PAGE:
A young man left his troubles and his South Jamaica home to try to better himself, but his life was cut short when he returned briefly to visit his family last weekend, his grieving mother said.
Theodore Thomas, 26, was shot multiple times in the chest outside the Unforgettable Lounge, at 112-22 Sutphin Blvd., around 3:45 a.m. Sunday, authorities said. He was taken to Jamaica Hospital, where he was pronounced dead on arrival, according to the police.
Theodore’s mother, Trudy Thomas, said her son had “a lot of trouble” before he left home two years ago to go live in a mountainous region of Pennsylvania with his girlfriend, 22-year-old Shamika Gebhard.
“Mishaps here and there,” she said. “He chose a better life. Before that he was selling drugs.”
Thomas said that even though she would constantly talk to Theodore on the phone from Pennsylvania where he worked at a maintenance job, he would often come home unannounced to visit with his mother, uncle and three siblings for short periods of time.
He most recently stopped in Friday evening.
“He knocked on the door and walked in. I said, ‘What are you doing here?’ and he said he came to see his family,” Trudy recalled.
With tears in her eyes, she said the last time she saw her son was Saturday night, when he told her he was going to a party at a club with his 28-year-old brother, Jamal, and his girlfriend.
Gebhard said that when she and Theodore arrived at the party, it was over, so they left to get something to eat. She said she had just walked around the corner when she heard the gunshots.
Thomas said she got a phone call in the morning from authorities and rushed to the hospital, where doctors were operating on her son.
“He made it to the hospital alive and passed there,” she said. “They said I can’t see him because they’re operating on him. I didn’t see him until after.”
She said her son, a graduate of Martin Van Buren High School, may or may not have associated with gang members, but he was not in a gang.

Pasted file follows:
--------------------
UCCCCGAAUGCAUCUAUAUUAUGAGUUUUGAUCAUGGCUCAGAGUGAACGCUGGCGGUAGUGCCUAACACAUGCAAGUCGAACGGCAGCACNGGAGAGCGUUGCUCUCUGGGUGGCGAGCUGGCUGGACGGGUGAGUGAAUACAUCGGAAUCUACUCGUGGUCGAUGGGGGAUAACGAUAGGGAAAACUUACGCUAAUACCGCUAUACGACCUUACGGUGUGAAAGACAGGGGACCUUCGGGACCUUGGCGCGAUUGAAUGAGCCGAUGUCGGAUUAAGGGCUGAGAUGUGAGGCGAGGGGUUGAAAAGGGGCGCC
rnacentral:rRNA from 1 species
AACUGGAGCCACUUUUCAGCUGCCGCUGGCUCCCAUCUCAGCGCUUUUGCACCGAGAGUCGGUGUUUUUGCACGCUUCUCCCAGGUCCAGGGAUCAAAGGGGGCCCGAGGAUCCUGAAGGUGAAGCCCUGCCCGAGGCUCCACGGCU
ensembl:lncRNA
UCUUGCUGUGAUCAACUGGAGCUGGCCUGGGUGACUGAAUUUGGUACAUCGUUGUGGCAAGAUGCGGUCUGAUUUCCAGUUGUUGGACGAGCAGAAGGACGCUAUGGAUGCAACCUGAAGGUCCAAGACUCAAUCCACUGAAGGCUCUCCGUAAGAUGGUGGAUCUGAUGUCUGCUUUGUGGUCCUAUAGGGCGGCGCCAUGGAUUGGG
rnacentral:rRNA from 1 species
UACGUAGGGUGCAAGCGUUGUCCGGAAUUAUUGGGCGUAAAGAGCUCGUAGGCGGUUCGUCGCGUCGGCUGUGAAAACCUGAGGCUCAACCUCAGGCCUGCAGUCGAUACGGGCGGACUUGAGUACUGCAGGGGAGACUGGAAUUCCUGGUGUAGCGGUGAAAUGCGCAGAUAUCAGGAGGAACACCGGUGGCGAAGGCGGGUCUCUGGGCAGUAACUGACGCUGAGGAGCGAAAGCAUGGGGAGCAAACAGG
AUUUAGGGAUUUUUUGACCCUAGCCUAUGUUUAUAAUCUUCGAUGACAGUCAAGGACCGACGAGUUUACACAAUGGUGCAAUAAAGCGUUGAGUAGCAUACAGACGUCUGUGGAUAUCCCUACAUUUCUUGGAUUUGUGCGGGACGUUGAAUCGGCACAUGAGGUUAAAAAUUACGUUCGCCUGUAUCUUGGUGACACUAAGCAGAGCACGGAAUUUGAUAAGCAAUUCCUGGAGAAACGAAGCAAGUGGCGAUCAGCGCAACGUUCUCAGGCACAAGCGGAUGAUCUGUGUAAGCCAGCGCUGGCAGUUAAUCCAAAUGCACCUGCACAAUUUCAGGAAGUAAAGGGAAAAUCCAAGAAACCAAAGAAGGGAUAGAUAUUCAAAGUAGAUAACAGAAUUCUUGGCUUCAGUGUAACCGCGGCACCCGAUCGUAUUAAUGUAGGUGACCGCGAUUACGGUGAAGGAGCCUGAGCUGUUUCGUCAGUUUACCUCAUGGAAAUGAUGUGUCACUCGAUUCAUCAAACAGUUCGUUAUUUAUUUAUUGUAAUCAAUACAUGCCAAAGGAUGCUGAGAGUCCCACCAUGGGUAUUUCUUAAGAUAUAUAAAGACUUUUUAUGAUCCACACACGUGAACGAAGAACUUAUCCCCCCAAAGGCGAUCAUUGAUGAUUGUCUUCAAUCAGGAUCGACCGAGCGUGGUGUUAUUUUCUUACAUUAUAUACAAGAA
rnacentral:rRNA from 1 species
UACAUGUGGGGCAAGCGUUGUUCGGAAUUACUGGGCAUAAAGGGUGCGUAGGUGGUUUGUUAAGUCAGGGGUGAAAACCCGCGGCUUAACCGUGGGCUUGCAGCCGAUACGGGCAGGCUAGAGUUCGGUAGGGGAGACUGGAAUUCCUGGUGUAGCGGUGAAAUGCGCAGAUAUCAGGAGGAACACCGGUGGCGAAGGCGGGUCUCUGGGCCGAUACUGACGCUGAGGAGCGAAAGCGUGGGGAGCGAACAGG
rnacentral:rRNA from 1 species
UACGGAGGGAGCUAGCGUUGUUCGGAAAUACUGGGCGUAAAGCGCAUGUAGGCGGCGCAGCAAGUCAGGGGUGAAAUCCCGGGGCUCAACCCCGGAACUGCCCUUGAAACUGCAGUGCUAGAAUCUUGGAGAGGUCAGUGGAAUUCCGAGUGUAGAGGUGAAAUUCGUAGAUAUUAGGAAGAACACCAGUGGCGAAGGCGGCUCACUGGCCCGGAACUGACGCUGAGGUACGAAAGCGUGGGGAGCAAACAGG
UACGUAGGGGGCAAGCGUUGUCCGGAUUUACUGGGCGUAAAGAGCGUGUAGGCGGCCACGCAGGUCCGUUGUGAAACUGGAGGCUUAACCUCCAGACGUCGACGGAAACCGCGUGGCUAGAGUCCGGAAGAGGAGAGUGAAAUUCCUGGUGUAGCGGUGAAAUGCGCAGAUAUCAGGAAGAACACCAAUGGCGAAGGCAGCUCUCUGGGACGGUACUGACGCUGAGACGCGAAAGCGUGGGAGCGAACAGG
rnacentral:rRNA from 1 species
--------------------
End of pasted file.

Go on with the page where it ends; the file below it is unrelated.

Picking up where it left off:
“He was never initiated into a gang. You can’t compare who this person hangs with,” she said. “He was friends with everybody.”
Thomas said despite her son’s background, he never thought twice about returning to his old neighborhood.
“He was definitely not scared to be in New York,” she said. “I don’t like being in New York either. I want to leave New York, but this is where the money’s at.”
“He was much more happier [in Pennsylvania]. That’s where his girlfriend lived,” she said. “He had a better life.”
The grief-stricken mother said she could not imagine who would murder her son.
“I don’t know who would want to kill my child,” she said. “Why did he have to come down here?”
Reach reporter Rich Bockmann by e-mail at firstname.lastname@example.org or by phone at 718-260-4574.
©2012 Community News Group
By submitting this comment, you agree to the following terms:
You agree that you, and not TimesLedger.com or its affiliates, are fully responsible for the content that you post. You agree not to post any abusive, obscene, vulgar, slanderous, hateful, threatening or sexually-oriented material or any material that may violate applicable law; doing so may lead to the removal of your post and to your being permanently banned from posting to the site. You grant to TimesLedger.com the royalty-free, irrevocable, perpetual and fully sublicensable license to use, reproduce, modify, adapt, publish, translate, create derivative works from, distribute, perform and display such content in whole or in part world-wide and to incorporate it in other works in any form, media or technology now known or later developed.